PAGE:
Dogs aren’t the world’s most dainty drinkers. Give a thirsty dog a bowl of water and get out the umbrella. The tongue scoops, the water splishes and sploshes everywhere. Cats, on the other hand, seem to have a quiet elegance to their drinking. It’s almost meditative to some cat owners.
But this is not the time for cats to start feeling a smug superiority. (Well, no more than usual.) Science is revealing that cats and dogs both use the same techniques to get water into their mouths. Cats just tend to do it with more grace.
A study in the journal Science last year explored the science behind the cat lap. Using high-speed video, researchers were able to dramatically slow down footage of a cat drinking. They found that when the tip of a cat’s tongue barely touched the water’s surface, the water stuck to it. When the cat pulled her tongue back in, the movement created a water column on the back of her tongue, and the cat snapped her jaws around it after every lap before it could fall out.
Researcher Alfred Crompton, of Harvard University’s Museum of Comparative Zoology, wanted to see how different the water-guzzling experience was for dogs. Scientists and most dog owners have assumed that a dog uses his tongue as a ladle, scooping up liquid in a haphazard, decidedly doggy way, with none of the finessed fluid mechanics employed by felines.
So Crompton took a high-speed camera and an X-ray camera and let his dog Matilda enjoy a big cylinder of broth. (See video above.) “At first, it looked like dogs were scooping, but that is a snare and a delusion,” he said in a BBC article.
Interestingly, it turns out that the water that was collected in the ladle part of Matilda’s tongue dropped off her tongue before hitting her mouth. It turns out dogs use their tongues to get the conveyor-belt-like flow of liquid down his throat just as a cat does, Crompton reported in the Journal Proceedings of the Royal Society Biology Letters.
The main difference was that while a cat’s tongue barely touches the liquid, a dog’s plunges all the way in, willy-nilly.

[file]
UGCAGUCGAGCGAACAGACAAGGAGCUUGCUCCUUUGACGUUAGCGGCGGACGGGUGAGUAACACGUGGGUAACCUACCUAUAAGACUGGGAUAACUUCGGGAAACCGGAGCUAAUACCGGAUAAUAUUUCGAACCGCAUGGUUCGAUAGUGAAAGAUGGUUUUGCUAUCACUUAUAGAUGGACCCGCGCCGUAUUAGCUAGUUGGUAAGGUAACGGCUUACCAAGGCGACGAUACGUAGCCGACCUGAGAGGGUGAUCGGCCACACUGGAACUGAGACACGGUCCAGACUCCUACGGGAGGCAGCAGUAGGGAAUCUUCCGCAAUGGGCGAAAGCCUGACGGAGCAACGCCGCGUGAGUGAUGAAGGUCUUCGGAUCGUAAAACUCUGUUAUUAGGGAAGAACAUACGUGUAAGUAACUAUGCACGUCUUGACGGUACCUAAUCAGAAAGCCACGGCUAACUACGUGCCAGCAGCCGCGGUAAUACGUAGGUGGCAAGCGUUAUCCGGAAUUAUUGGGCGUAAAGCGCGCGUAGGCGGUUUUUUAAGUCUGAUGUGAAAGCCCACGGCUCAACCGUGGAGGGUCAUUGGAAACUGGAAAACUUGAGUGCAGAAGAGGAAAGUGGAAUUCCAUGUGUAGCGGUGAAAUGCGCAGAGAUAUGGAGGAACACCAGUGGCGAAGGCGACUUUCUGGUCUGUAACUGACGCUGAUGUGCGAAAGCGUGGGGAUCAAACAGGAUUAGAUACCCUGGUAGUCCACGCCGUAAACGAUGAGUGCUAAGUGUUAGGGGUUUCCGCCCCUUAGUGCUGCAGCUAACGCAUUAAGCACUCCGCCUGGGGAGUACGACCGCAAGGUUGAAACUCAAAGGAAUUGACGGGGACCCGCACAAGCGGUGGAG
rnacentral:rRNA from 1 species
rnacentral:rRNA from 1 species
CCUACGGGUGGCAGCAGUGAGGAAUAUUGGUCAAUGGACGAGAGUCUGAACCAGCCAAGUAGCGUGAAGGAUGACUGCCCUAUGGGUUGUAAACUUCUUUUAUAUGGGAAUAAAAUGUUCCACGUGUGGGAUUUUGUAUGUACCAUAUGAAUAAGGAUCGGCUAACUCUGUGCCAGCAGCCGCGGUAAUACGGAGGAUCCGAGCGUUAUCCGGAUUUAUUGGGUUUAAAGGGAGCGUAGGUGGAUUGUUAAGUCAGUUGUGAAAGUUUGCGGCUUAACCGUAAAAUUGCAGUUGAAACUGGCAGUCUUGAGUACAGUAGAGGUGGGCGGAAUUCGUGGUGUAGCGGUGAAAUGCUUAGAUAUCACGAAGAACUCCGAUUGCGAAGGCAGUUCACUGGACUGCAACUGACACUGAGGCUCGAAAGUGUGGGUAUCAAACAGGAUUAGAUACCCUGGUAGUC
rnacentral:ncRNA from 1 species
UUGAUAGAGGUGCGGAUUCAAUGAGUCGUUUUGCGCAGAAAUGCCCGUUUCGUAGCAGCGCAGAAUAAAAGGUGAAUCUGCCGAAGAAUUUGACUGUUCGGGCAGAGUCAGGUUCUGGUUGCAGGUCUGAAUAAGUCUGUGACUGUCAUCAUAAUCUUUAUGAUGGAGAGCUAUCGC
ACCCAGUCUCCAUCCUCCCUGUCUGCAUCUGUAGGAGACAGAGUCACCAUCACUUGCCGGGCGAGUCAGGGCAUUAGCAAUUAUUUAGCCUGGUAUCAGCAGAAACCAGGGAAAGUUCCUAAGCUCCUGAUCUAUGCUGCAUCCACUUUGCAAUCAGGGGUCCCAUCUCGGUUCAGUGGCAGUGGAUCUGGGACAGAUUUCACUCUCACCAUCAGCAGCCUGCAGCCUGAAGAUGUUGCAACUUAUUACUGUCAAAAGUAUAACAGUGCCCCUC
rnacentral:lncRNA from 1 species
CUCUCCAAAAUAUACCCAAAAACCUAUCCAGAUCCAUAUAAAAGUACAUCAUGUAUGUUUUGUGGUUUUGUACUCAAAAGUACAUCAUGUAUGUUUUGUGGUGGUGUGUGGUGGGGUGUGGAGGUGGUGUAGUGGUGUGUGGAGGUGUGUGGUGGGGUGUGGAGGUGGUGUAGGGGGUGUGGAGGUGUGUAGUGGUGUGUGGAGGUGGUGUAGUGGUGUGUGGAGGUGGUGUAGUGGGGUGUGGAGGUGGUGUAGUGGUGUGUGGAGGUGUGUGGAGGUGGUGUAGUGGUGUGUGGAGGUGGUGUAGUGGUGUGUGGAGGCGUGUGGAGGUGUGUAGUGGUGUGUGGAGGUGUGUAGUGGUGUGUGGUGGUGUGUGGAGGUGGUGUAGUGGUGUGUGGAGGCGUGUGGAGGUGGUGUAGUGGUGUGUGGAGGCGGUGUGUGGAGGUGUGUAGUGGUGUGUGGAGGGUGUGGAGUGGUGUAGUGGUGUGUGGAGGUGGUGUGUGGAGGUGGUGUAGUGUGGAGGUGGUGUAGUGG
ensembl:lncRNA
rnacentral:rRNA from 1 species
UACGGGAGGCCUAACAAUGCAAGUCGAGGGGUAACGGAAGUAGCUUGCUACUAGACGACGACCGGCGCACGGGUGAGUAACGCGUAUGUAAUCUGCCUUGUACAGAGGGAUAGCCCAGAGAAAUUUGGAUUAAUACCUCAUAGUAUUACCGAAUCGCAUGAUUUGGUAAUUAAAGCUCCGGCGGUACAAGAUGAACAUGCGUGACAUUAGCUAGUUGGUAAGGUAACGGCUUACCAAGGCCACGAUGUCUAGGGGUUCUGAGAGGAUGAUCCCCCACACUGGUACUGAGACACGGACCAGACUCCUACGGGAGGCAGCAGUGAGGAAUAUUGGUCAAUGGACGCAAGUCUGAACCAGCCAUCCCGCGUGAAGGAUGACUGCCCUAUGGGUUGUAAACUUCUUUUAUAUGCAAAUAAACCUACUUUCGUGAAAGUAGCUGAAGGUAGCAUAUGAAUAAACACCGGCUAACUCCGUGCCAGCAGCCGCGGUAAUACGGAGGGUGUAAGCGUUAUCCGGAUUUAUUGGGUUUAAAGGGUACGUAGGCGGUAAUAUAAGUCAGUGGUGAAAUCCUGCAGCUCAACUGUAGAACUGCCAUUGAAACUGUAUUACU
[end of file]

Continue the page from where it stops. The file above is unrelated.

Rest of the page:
He explained in a BBC article that the difference may boil down to lifestyle habits in general: “Cats are just a little more particular about the mess they make. They always like to be neat and clean and to tidy themselves up. They curl their tongue backwards and lay it onto the surface of liquid without penetrating it, so they don’t make a mess.
“Dogs on the other hand are a bit more exuberant – they don’t worry about spreading the liquid around and making a mess.”
But what happens when water is in a dog’s mouth is pretty astounding. I’ll let an article in LiveScience explain:
They found that dogs take a few laps before they actually swallow. Once the liquid is in the mouth, the dog brings its tongue in contact with the roof of its mouth, trapping the liquid between its tongue surface and the ridges on its palate. Then the dog extends its tongue again, still keeping it in contact with the roof of its mouth.
“This is the really cool part,” Musinsky told LivesScience. “Because the tongue is maintaining contact, but it’s also sliding out of the mouth.”
As the dog brings another chunk of liquid up with its tongue, the tongue drops away and the first bit of liquid goes to the back of the mouth. Repeating the cycle again, the dog brings a new sip of water to the front of its mouth, swallowing the first lap of water and moving the second toward its throat.
“You’ve used the tongue and palate as sort of a conveyor belt,” Crompton said.
You can see this mechanism at work in the video above.
So next time your dog goes to whet his whistle, you can watch him and admire him for everything he has to do to get it from bowl to throat.
Just don’t get too close while he’s doing it.